Energy Performance Certificates Explained
You need to apply for an Energy Performance Certificate (EPC) before you put your home on the market and you can be fined if you don’t get an EPC when you need one.
Frequently Asked Questions
- What is an energy performance certificate?
- When do I need an energy performance certificate?
- How much will an energy performance certificate cost?
- How do I get an energy performance certificate?
- Are there any exemptions?
- What is the Green Deal?
What Is An Energy Performance Certificate (EPC)?
It’s a standardised document which ranks properties in terms of energy efficiency, and which home sellers have to provide to potential buyers.
EPC's include information about the property’s energy use and costs as well as recommendations about how to make it more efficient and cheaper to heat. Properties are ranked from A to G.
The most efficient homes – which should have the lowest fuel bills – are in band A.
Home sellers in Scotland have to provide a more extensive "home report", which includes an EPC, as well as a survey and a property questionnaire.
When Do I Need An Energy Performance Certificate (EPC)?
Energy Performance Certificates (EPCs) are needed whenever a property is:
You must order an EPC for potential buyers and tenants before you market your property to sell or rent.
In Scotland, you must display the EPC somewhere in the property, e.g. in the meter cupboard or next to the boiler.
An EPC contains:
- Information about a property’s energy use and typical energy costs.
- Recommendations about how to reduce energy use and save money.
How Much Will An Energy Performance Certificate Cost?
In England and Wales, the price of an EPC can be as low as £24 for a studio in a city centre, stretching to around £120 for a larger property in a remote area.
In Scotland the cost of a home report starts at around £600.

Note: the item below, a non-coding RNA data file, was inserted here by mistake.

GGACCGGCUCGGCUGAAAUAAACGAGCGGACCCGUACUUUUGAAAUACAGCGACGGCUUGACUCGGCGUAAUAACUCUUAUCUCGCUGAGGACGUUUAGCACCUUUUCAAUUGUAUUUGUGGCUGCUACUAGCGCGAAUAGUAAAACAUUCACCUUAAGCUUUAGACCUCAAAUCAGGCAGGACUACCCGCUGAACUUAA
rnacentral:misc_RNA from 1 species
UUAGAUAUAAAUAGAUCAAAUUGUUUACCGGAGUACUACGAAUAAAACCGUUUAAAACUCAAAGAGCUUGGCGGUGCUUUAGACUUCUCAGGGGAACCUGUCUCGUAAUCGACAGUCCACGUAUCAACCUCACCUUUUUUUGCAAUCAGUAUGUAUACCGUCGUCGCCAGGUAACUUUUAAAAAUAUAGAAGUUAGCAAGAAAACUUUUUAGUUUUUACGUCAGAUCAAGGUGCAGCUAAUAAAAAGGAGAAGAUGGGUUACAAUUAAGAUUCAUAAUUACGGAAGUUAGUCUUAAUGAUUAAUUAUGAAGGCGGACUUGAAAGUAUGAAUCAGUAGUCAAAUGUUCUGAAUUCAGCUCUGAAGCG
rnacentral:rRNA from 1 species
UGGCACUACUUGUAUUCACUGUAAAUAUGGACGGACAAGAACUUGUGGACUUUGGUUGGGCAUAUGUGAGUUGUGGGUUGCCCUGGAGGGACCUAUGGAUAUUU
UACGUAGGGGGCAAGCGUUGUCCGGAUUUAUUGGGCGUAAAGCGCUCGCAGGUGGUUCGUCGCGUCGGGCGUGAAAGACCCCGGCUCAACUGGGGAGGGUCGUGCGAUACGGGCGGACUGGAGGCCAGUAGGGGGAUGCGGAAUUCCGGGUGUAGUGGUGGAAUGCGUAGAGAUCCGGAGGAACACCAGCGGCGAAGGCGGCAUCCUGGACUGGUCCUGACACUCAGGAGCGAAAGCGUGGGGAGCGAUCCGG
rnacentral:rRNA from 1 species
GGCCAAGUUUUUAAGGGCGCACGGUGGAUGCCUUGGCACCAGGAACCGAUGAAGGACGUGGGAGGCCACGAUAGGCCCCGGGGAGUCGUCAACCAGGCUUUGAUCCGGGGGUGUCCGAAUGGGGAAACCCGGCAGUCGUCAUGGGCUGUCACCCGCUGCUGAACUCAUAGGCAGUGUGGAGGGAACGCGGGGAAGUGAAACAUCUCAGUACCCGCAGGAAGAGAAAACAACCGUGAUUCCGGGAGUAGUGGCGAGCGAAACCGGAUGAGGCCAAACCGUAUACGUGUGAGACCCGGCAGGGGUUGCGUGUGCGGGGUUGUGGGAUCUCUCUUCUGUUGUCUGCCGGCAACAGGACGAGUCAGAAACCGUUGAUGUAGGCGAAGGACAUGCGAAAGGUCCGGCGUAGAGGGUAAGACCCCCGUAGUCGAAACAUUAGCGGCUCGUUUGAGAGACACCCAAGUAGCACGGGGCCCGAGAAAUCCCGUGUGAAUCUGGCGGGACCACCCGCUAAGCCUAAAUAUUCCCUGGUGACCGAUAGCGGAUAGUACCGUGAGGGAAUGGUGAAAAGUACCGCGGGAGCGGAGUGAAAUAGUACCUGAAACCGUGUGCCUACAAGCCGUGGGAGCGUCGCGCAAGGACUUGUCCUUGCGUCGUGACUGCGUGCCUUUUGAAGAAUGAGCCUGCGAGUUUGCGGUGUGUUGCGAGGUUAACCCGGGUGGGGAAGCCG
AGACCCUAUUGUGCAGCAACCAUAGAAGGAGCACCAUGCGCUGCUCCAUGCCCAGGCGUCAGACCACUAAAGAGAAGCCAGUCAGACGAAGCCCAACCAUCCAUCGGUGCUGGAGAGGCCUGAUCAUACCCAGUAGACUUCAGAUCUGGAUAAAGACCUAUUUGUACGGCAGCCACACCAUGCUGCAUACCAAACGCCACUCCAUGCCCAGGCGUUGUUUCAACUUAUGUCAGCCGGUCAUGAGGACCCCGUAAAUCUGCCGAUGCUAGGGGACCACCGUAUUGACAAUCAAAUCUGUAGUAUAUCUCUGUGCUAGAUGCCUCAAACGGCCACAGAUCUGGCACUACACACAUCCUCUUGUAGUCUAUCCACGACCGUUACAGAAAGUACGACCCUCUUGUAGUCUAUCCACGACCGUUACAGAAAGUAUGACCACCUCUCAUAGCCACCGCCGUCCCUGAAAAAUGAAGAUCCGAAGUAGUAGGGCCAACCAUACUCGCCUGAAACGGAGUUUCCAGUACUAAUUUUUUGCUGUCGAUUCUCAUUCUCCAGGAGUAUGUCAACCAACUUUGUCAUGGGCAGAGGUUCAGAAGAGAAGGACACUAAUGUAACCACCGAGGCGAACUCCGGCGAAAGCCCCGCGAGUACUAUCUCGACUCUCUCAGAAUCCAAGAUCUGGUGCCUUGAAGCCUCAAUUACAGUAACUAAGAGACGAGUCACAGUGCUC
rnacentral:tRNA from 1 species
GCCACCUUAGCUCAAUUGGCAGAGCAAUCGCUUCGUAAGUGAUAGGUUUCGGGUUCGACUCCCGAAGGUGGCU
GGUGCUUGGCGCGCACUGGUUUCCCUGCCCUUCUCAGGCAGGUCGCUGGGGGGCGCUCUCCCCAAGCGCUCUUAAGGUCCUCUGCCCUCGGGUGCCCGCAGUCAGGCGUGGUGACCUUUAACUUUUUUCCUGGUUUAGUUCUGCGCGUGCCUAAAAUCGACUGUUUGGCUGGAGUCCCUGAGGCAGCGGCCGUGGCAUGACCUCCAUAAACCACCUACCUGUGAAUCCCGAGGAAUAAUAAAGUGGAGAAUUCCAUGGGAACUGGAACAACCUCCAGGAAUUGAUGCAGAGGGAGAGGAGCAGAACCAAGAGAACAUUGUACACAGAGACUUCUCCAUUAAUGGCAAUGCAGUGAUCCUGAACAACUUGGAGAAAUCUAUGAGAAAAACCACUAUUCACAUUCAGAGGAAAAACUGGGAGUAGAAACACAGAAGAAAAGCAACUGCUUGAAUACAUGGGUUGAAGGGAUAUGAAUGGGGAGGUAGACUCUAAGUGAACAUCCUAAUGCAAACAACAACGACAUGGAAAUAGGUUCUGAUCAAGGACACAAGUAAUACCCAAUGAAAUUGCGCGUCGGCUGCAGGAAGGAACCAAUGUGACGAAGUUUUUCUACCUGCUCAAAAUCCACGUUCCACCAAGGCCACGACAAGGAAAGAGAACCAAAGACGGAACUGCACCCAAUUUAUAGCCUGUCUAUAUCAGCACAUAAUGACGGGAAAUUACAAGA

Your estate agent will be able to give you a quote for a survey and energy report, as will the Royal Institution of Chartered Surveyors (RICS).
If you leave it to your estate agent to arrange an EPC, keep in mind that they will probably charge commission. Prices may be negotiable, so don’t be afraid to haggle.
How Do I Get An Energy Performance Certificate?
You’ll need to find an accredited assessor if you’re selling or renting out your home. They’ll assess your property and produce the certificate.
- In England, Wales and Northern Island you can use epcregister.com to find an energy assessor.
- In Scotland you can use the scottishepcregister.org.uk EPC Assessor search or this list provided by the Scottish Government.
The person selling the house, the landlord or the letting agent must show you the EPC if you’re buying or renting.
Are There Any EPC Exemptions?
The buildings that are exempt from needing an EPC include:
- Places of worship.
- Temporary buildings that will be used for less than 2 years.
- Stand-alone buildings with total useful floor space of less than 50 square metres.
- Industrial sites, workshops and non-residential agricultural buildings that don’t use a lot of energy.
- Some buildings that are due to be demolished.
- Holiday accommodation that’s rented out for less than 4 months a year or is let under a licence to occupy.
- Listed buildings - you should get advice from your local authority conservation officer if the work would alter the building’s character.
- Residential buildings intended to be used less than 4 months a year.
What Is The Green Deal?
Under the scheme you choose which eligible energy saving improvements you want to make and pay for the improvements over time through your electricity bill, at a level no greater than the estimated savings to energy bills.
If you move home, the Green Deal charge stays with the property and the repayments pass to the new bill payer.
You can apply whether you're a tenant or an owner and you might be eligible for extra help if your household gets income-related benefits.
Find out how you could make your home more energy efficient using the EPC adviser.